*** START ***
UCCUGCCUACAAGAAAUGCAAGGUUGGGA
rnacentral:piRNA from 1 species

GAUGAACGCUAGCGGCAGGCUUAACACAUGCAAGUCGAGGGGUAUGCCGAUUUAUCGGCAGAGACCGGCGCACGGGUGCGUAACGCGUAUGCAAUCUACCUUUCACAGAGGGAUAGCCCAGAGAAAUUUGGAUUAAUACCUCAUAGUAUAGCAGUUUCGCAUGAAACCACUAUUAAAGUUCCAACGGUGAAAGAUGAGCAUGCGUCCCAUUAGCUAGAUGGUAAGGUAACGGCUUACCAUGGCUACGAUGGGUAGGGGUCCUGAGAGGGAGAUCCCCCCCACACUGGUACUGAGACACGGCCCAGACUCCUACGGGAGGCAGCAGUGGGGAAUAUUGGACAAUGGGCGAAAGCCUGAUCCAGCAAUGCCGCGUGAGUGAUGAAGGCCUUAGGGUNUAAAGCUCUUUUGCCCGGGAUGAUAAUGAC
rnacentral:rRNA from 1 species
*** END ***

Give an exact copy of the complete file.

UCCUGCCUACAAGAAAUGCAAGGUUGGGA
rnacentral:piRNA from 1 species

GAUGAACGCUAGCGGCAGGCUUAACACAUGCAAGUCGAGGGGUAUGCCGAUUUAUCGGCAGAGACCGGCGCACGGGUGCGUAACGCGUAUGCAAUCUACCUUUCACAGAGGGAUAGCCCAGAGAAAUUUGGAUUAAUACCUCAUAGUAUAGCAGUUUCGCAUGAAACCACUAUUAAAGUUCCAACGGUGAAAGAUGAGCAUGCGUCCCAUUAGCUAGAUGGUAAGGUAACGGCUUACCAUGGCUACGAUGGGUAGGGGUCCUGAGAGGGAGAUCCCCCCCACACUGGUACUGAGACACGGCCCAGACUCCUACGGGAGGCAGCAGUGGGGAAUAUUGGACAAUGGGCGAAAGCCUGAUCCAGCAAUGCCGCGUGAGUGAUGAAGGCCUUAGGGUNUAAAGCUCUUUUGCCCGGGAUGAUAAUGAC
rnacentral:rRNA from 1 species